Sauniere continued to say he had no records for his source of revenues. All of it was in his head. After a few months of delays, Sauniere presented a list of expenditures thinking this would appease the authorities. Instead he found himself summoned again to appear an answer to the charges but without his lawyer, Abbe Huget, as, according to the tribunal, he could not represent Béranger second time on November 27th, 1911: highly unusual for any legal situation. Sauniere never presented himself and was sentenced in absentia on December 5th.
The issue regarding the third Charge brought against him surfaced as the Tribunal stated that the Charge had been changed and therefore Sauniere could be charged again. They wanted to know who had given money to Sauniere, not just his sources of revenue or the amounts of such revenues. (Jarnac, Histoire, p. 222) Although it could be seen as the Bishopric’s attempt to undermine the anonymity of donors, it was probably due to Mgr. Billard’s actions that brought on such policy.

The sentence itself was a little bit odd considering that it failed to recognize Saunière's sources of revenue, which he had outlined in a detailed financial account containing 61 itemized entries – with explanatory notes. Some of the items happened 25 years prior to the trial and since he kept no financial records, he had to rely on his memory and/or, invention. He was finally sentenced to a 3-month suspension, which would extend until he reimbursed all donations given to him. (Jarnac, Histoire, p. 223) Since Sauniere kept no financial records per say, how could he reimburse them? In effect, this was a perpetual suspension, as Sauniere could not provide what he did not have: a detailed registry of all donations. It was also considered immoral to divulge the names of donors, anonymous or public, unless they were to establish altars, calvaries, chapels, hospital wings, etc…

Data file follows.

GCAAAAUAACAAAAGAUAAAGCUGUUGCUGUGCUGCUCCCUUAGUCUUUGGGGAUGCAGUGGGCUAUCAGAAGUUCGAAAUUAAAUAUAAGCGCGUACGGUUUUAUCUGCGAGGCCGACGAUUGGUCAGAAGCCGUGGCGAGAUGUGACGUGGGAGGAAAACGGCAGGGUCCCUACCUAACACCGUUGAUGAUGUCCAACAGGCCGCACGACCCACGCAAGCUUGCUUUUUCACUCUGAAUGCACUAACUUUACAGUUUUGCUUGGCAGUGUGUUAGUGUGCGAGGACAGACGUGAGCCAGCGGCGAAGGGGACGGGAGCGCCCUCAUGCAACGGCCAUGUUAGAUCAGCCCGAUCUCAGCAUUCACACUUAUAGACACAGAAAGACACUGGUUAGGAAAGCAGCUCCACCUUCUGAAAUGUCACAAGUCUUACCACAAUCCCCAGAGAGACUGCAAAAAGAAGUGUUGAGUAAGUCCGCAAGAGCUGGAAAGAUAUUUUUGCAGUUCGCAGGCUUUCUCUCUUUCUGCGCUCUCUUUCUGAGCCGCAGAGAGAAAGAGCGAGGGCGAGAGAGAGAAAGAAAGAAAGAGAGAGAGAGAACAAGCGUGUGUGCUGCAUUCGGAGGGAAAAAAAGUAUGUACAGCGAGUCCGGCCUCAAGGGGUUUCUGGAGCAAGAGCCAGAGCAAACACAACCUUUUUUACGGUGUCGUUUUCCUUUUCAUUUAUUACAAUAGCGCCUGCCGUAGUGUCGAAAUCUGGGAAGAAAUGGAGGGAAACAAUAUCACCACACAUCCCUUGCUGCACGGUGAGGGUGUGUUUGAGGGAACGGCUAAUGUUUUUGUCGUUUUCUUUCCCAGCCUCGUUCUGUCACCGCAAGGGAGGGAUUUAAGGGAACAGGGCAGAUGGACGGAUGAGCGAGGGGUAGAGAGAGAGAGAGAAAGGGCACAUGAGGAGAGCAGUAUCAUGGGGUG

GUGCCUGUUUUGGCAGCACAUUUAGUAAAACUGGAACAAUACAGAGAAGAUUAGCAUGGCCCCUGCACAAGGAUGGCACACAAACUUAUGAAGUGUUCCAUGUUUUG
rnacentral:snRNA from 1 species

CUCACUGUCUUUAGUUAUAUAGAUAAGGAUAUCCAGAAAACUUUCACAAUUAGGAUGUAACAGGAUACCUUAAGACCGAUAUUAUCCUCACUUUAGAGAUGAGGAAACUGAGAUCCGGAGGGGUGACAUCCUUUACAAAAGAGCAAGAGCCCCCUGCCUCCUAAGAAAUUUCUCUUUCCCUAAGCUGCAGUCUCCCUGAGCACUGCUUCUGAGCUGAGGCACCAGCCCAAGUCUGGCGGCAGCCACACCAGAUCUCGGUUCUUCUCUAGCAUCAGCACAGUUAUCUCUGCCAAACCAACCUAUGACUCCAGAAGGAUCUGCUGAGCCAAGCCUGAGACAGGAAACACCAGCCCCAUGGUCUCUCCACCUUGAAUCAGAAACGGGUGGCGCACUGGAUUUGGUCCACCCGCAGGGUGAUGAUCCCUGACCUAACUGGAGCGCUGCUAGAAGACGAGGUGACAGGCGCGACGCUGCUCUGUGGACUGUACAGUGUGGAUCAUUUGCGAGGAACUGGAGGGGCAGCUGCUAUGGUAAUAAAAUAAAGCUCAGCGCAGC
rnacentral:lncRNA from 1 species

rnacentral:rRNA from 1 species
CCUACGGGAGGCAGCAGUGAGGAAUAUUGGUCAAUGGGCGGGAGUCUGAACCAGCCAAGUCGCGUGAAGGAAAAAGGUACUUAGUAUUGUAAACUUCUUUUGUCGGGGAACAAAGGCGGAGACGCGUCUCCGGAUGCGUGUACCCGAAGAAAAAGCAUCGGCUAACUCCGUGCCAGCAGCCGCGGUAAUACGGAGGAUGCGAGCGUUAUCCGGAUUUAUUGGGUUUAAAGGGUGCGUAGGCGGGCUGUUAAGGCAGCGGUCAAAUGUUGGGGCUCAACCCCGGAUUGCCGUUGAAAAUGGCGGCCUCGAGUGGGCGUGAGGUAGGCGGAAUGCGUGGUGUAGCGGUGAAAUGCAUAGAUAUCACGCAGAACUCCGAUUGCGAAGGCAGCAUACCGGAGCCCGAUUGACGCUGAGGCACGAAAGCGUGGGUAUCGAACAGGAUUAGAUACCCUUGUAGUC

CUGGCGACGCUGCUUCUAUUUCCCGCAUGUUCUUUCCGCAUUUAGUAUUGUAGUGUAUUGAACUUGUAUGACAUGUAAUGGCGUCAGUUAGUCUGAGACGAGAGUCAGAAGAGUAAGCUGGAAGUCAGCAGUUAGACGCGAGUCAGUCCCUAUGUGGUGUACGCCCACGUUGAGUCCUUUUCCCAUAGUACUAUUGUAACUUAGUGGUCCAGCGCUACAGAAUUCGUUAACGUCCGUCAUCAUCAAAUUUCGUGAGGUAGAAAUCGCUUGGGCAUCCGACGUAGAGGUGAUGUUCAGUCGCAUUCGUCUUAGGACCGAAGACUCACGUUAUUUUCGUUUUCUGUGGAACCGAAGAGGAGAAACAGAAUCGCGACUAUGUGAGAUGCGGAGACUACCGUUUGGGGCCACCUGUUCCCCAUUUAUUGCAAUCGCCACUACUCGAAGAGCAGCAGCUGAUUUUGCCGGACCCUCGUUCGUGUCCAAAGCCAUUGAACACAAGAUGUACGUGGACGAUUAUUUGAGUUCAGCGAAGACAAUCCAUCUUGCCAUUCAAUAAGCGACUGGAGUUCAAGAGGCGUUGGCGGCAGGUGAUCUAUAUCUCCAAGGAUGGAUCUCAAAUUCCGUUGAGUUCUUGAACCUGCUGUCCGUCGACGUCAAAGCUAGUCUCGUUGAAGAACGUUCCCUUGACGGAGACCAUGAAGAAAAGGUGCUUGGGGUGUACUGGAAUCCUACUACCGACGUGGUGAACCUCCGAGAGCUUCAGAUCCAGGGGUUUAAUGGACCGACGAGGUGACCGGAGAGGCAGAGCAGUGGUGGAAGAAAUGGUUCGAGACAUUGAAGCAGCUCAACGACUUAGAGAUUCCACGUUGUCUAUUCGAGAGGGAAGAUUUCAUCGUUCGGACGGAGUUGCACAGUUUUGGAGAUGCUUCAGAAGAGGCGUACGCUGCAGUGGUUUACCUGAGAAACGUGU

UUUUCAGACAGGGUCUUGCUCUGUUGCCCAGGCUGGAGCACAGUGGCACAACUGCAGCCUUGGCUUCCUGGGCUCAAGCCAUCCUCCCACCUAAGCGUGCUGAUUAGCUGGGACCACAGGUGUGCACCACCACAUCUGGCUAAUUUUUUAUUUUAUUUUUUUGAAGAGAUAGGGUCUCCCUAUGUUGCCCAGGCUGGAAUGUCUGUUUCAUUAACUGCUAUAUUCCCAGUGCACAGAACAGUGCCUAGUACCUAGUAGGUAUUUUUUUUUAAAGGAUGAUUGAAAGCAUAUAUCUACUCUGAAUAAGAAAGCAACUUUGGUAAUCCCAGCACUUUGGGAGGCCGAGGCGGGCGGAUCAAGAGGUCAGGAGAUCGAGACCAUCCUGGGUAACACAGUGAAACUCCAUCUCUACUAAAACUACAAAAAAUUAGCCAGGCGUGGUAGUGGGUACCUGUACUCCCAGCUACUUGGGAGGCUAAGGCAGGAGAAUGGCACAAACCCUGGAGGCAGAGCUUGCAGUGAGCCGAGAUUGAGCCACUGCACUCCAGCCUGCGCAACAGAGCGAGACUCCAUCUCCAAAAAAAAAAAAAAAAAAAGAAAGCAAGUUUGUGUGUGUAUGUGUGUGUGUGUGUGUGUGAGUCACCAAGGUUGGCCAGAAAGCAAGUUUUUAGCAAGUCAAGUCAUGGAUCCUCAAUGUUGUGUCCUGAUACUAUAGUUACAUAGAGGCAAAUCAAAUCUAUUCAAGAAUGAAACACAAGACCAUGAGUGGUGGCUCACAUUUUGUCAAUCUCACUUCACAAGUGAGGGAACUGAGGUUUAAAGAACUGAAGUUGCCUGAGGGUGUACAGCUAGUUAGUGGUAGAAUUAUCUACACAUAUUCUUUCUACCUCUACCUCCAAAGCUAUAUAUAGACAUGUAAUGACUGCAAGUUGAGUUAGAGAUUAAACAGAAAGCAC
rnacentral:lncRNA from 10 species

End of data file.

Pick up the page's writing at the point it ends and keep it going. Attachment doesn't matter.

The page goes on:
On February 3rd, 1911, the Bishop published an article in La Semaine Religieuse, warning its readers that Sauniere was effectively suspended and banned from practicing the sacraments or any act affiliated with cult. The suspension lasted until Saunière's death in 1917. No article ever appeared outside the Diocese regarding the suspension.

One of the most interesting documents written by Sauniere was a questionnaire he was asked to fill out by his lawyer. In it, Sauniere is specific that he did not do anything out of the ordinary in regards to building a house or taking part as other priests had done the same thing. He also complained that other priests were nothing more than globetrotting tourists while he was breaking his back, embellishing the church, spending his savings and all he got was a court case. (Captier, p. 187)

Béranger admitted outright that he sought masses outside the Diocese even though he was told not to. But the amounts ascribed to him are pure nonsense. There was no way he could find that many masses. Records show that Sauniere had 3434 masses from 1899 to 1909. That’s an average of 344 masses a year, or less than 1 mass per day; the maximum allowable, supposedly was 3 a day. Yet the accounting that was presented to Sauniere, to counter his testimony, established the amount at 18000 a year for 10 years, amounting to 180000 francs. (Captier, p. 186) They never took into consideration his base salary which established him as poor. They never took into consideration the 300 francs per month paid to him by members of the Denarnaud family who stayed with him which he included in his financial records in the tribunal’s possession. The tribunal only accounted for revenues, not once acknowledging the fact that Sauniere had expenditures even though his documents showed that he did – substantially reducing the Tribunals figures.